Did you know that every year, Americans lose more than $100 million in productivity because of restricted activity or absence from work due to skin cancer?
Skin cancer can be serious, expensive, and sometimes even deadly. Skin cancer cases continue to increase in the United States. Fortunately, most skin cancers can be prevented.
As The U.S. Department of Health and Human Services has named July as Ultraviolet (UV) Safety Month, we wanted to share CDC sun-safe strategies for protecting sun-exposed employees.
5 Ways to Increase Sun Protection for Employees
1. Encourage sun safety among your employees and provide sun protection when possible.
This includes wearing:
- Protective clothing
- Hats that shade the face, ears, and back of the neck
- Using a broad-spectrum sunscreen with an SPF of 15 or higher.
2. Schedule breaks in the shade and allow workers to reapply sunscreen throughout their shifts.
3. Modify the work site by:
- Increasing the amount of shade available—for example, with tents, shelters, and cooling stations.
- Decreasing UV reflection by covering bright or shiny surfaces.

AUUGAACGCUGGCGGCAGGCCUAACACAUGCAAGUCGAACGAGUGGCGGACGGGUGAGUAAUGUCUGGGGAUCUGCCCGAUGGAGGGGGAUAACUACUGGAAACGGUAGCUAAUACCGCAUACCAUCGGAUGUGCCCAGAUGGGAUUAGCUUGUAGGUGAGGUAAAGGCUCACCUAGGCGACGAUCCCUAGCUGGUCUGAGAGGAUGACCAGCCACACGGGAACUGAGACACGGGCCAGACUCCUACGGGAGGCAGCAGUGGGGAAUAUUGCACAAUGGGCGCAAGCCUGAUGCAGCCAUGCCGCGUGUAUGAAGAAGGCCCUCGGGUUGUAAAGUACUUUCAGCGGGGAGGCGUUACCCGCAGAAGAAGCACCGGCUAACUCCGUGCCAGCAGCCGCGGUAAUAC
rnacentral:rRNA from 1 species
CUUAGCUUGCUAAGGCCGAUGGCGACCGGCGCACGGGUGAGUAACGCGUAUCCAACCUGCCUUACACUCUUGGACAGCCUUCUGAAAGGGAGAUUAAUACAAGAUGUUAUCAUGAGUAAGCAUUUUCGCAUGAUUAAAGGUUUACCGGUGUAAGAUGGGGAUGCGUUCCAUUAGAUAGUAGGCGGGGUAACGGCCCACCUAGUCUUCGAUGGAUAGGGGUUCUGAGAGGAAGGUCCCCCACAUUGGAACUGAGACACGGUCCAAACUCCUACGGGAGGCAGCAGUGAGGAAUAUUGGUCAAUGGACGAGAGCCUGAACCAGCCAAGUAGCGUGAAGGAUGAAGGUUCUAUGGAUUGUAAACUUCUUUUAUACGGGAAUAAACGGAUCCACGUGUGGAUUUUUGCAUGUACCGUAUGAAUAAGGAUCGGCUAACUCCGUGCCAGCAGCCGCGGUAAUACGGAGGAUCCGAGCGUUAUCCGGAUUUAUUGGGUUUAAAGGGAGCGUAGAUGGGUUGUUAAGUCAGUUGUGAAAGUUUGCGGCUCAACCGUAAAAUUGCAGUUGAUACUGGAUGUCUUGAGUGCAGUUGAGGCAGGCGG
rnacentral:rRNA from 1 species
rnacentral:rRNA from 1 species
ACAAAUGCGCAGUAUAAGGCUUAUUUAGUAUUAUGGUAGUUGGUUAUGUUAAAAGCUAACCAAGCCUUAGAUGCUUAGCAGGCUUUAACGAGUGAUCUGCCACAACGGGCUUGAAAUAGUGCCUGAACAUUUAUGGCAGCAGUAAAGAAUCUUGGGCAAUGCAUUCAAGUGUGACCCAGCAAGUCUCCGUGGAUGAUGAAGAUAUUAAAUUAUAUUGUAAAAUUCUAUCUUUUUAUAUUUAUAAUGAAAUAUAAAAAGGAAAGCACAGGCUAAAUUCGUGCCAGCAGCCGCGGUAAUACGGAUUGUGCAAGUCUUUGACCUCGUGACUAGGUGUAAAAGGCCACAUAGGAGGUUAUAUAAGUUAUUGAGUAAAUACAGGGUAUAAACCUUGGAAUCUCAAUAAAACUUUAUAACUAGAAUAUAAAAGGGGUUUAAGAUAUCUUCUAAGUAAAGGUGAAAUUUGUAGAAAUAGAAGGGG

4. Create work schedules that minimize sun exposure.
For example, schedule outdoor tasks like mowing for the early morning instead of noon, and rotate workers to reduce their UV exposure.
Remember…UV rays are strongest:
- During midday.
- Near the equator
- During summer months
- At high altitudes.
Employers can train workers to use the UV Index and adjust scheduled work when UV levels are “very high” or “extreme.”
5. Add sun safety to workplace policies and training
- Include sun-safety information in workplace wellness programs. For example, programs designed to help employees avoid heat illness can be adapted to include information about sun safety.
- Teach outdoor workers about risks of exposure to UV radiation and the signs and symptoms of overexposure.
Holly is an ER nurse by trade, but loves content marketing. She was born outside the box and believes everything is better with “sprinkles and sparkles”. She is passionate about impacting lives and uses marketing as her platform for sharing practical solutions to address real life occupational health challenges.
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